I might try the Rubbermaid container method this year. I need to do container veggies, because I'm only doing a small 10' square plot for my veggies. BTW, in SW Florida, this is our planting season.

Bob Ewing (author) from New Brunswick on July 17, 2008:

Donna, the squares sound like a good idea, where do you live, I ask because the length of the growing season matters,

Donna Campbell Smith from Central North Carolina on July 17, 2008:

Bob, can you gorw them for fall harvest by planting in summer? Or do they not like the heat and humidity. I thought about making squares that I can stack like the tires, only from scrap wood? 2x6's?

Bob Ewing (author) from New Brunswick on July 10, 2008:

koncling from Nice Winding Room on July 10, 2008:

ooooooow.. I love potatoes..

do you have some potatoes recipes ?

Bob Ewing (author) from New Brunswick on July 07, 2008:

Thanks for stopping by, potatoes can be prepared in many ways.

02SmithA from Ohio on July 07, 2008:

Thanks for all the info! Potatoes are probably the food that can be made to taste great the most ways of any food.

Bob Ewing (author) from New Brunswick on July 04, 2008:

yes, I have.

eastcoastireland from Dublin, Ireland on July 04, 2008:

qwoe, that sounds pretty easy. have you tried this?

Bob Ewing (author) from New Brunswick on July 03, 2008:

you are welcome.

smartnash.avi from india on July 03, 2008:

thanks for ur useful information bob

Bob Ewing (author) from New Brunswick on June 26, 2008:

You are welcome and yes the more we can grow in our communities the more food secure we become.

C.J. King from Southeast on June 26, 2008:

We need to be growing everything or else we will eventually starve with the price of food and gas prices combined.



Bob Ewing (author) from New Brunswick on May 14, 2008:

You can put them in the ground, some are likely to grow, I have tried it with limited to success, go for it.

Dorsi Diaz from The San Francisco Bay Area on May 14, 2008:

I didn't know that you could grow potatoes in straw Bob. One of the memorable sights I have as a kid is seeing all those potato storehouses in Idaho on the way to Canada on our yearly trips.I love potatoes- any way you cook um.Question? My son gave me some potatoes to grow- they were sprouting roots in the bag- can I just put those right into the ground? He cracked me up when he gave them to me to grow- he knows I love to garden!

Bob Ewing (author) from New Brunswick on May 05, 2008:

straight from the garden is still the best.

Joanie Ruppel from Texas on May 04, 2008:

It's been a few years since I grew potatoes (we have a pretty heavy clay to deal with) but I always thought there was nothing like the new potatoes fresh from the garden. Dig em up and take them straight into the house.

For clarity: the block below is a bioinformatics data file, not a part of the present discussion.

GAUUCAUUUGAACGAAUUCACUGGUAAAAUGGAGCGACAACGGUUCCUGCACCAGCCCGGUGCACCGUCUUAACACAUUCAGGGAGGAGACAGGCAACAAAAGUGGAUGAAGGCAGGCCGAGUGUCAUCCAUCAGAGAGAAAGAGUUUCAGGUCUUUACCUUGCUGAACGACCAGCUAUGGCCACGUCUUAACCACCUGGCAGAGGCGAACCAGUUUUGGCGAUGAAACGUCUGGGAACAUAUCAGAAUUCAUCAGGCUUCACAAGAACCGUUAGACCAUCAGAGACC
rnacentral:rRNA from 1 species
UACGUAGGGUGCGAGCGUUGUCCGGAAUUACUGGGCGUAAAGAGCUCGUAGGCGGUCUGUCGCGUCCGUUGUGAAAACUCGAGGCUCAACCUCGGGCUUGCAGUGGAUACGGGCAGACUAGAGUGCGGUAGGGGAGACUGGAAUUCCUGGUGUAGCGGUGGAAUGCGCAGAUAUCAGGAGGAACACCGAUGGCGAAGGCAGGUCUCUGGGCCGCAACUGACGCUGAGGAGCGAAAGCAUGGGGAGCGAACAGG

Bob Ewing (author) from New Brunswick on April 23, 2008:

now is a good time as frost is unlikely. :-)

Peter M. Lopez from Sweetwater, TX on April 23, 2008:

Any idea for Texas?

Bob Ewing (author) from New Brunswick on April 23, 2008:

It depends upon where you live Peter.

Peter M. Lopez from Sweetwater, TX on April 23, 2008:

Excellent hub, my wife's family were potato farmers, but on a much larger scale, I'm going to have to tell her about growing them in straw. That's a new one for me. I want to give it a try now. What is the appropriate potato growing season?

Bob Ewing (author) from New Brunswick on April 22, 2008:

The barrels are a good idea.

Knowledge Sponge from Oceanside, California on April 22, 2008:

This is a wonderful hub. Thank you. I do have an alternate suggestion to growing the potatoes that would be green. I know how some people argue that the method with the tires makes it eaiser to harvest them, due to the fact that all you have to do is knock down the tires and dig through the soil inside them. There is another way though... Many winerys are throwing away or selling old barrels for a low price, the majority of which are about 50 gallons or more. My great aunt used to grow her potatoes in one of these barrels and it worked wonders. It also made harvesting them really easy, too. Using this method, you can make sure you don't miss any when you harvest. Happy planting.

Eileen Hughes from Northam Western Australia on March 23, 2008:

Great hub bob, I have often grown mine in tires, and never even gave that a thought. I did try the hay once but the yard was so open and we had strong winds therefore I gave up as hay ended up all over the yard. So didnt try again.

Bob Ewing (author) from New Brunswick on March 23, 2008:

You are welcome John, good luck with the potatoes

John on March 23, 2008:

Thanks Bob, for another helpful hub. I will be back for more later. My wife is now looking for locations in the back for the new potatoe plants.